OHA reports 263 new COVID cases; Deschutes Co. total surpasses 600

COVID-19 has claimed one more life in Oregon, raising the state’s death toll to 356, the Oregon Health Authority reported Sunday.

The OHA reported 263 new confirmed and presumptive cases, bringing the state total to 21,272.

The new cases are in the following counties: Clackamas (15), Columbia (2), Deschutes (8), Douglas (1), Hood River (7), Jackson (4), Jefferson (5), Josephine (1), Lane (6), Lincoln (2), Linn (4), Malheur (15), Marion (28), Morrow (3), Multnomah (66), Polk (1), Umatilla (40), Wasco (3), Washington (42), Yamhill (10).

Deschutes County’s eight new cases bring its total to 604. Jefferson County has now reported 360 cases; 47 cases in Crook County.

In Deschutes County, 380 patients have recovered as of Friday, the latest data available.

COVID claims 10th life in Deschutes Co.; 376 new cases reported statewide

A 10th Deschutes County resident has died from COVID complications, according to the Oregon Health Authority.

The 80-year-old man tested positive on July 23rd and died on Friday. Additional details are still being confirmed.

The statewide death toll has now reached 355 with seven total deaths reported Saturday.

The OHA reported 376 new and presumptive cases of COVID, bringing the state’s total to 21,010.

Fifteen new cases were reported in Deschutes County to bring its total to 596; 380 have recovered as of Friday, the latest data available.

The new cases are in the following counties: Benton (5), Clackamas (23), Clatsop (1), Columbia (3), Coos (1), Crook (4), Curry (1), Deschutes (15), Douglas (2), Hood River (3), Jackson (12), Jefferson (9), Josephine (1), Lane (14), Lincoln (2), Linn (6), Malheur (14), Marion (47), Morrow (6), Multnomah (87), Polk (5), Sherman (2), Umatilla (27), Wasco (8), Washington (56), Yamhill (22).

Crook County is now reporting 47 cases; Jefferson County is reporting 355.


▶️ Locals excited for famed Sturgis motorcycle rally despite COVID risks


Sturgis is the world’s largest motorcycle rally.

Once a year, riders from around the country gather in the small South Dakota town for a big celebration.

Redmond resident Donn Hougham, his wife Marni, and their close-knit group of Harley fanatics are traveling over 1300 miles to experience the bucket list-worthy rally.

Despite the COVID-19 pandemic.

“We live life to the fullest, I’m not scared,” Hougham said.

For its 80th anniversary, as many as 250,000 people are expected to attend Sturgis this year.

And believe it or not, that’s a small number compared to previous anniversary years – more than 730,000 attended in 2015.

Donn says he’s not concerned over the number of people that will likely show up, and that COVID aside, he and his friends are not the types to worry about what they can’t control.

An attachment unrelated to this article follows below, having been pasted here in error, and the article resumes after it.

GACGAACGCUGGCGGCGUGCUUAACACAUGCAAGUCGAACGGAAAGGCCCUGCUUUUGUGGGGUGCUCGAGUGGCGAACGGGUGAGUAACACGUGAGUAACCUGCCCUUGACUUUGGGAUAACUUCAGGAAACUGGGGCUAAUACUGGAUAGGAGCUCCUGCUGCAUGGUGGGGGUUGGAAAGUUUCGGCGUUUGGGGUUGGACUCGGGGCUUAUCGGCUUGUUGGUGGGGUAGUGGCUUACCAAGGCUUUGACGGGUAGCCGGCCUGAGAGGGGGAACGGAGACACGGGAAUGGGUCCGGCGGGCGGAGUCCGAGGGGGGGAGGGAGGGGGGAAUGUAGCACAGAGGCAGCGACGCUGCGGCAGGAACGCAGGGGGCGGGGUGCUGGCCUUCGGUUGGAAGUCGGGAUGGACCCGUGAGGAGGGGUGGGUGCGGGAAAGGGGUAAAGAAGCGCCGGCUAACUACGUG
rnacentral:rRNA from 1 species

“We pretty much live life. We’re just not afraid, we’re cautious, but we’re not afraid,” Hougham said. “We’re trying to live without all the chaos. We did do the lockdown like everyone else did. We wondered this isn’t much of a life so once riding season came we were riding.”
Donn’s wife Marni says they’ve already missed out on enough since the start of the pandemic.

“All of our runs, all of our rides were canceled, and we ride all summer long. Sturgis is still open, it’s still happening, it’s still going. This is a big deal for us because we haven’t had any of those big runs and fun trips.”

But are they concerned with getting sick and bringing it back to Central Oregon?

Not necessarily.

The group says they’ll be taking the precautions they feel comfortable with.

“The flu virus is out there every year. People have died from that,” Hougham said. “Yes be careful, if you’re worried and you want to wear a mask, then wear a mask. If you’re worried about social distancing too close, then don’t stay next to your buddy. Or if you go shopping, stay away from people. That’s your personal choice and your personal fears. We as a group don’t have those like others do, so we’re going.”

In the end, it’s an experience they’re not willing to miss out on and big crowds are just a part of the deal.

“We live life to the fullest, and so if that means wear a mask, then I guess we’ll wear a mask. But if not, then we just live.”

▶️ Oregon State Parks tacks on extra fee for non-resident campers

Oregon State Parks is adding a new surcharge on campsites for out-of-state visitors.

The increase will add up to 30% to the nightly cost to camp in a state park for nonresidents.

Including lodging tax, the average cost for a full-service RV site is currently $33 per night, and starting August 10, will increase to an average of $42 for nonresidents making new reservations, or arriving without a reservation.

The average tent rate is currently $19 per night and will increase to $23 for non-residents.

The move is to encourage local recreation and provide funding to operate the Oregon State Park system, the Oregon Parks and Recreation Department (OPRD) said.

The surcharge will remain in effect the rest of 2020. A decision about rates for 2021 will be made this autumn.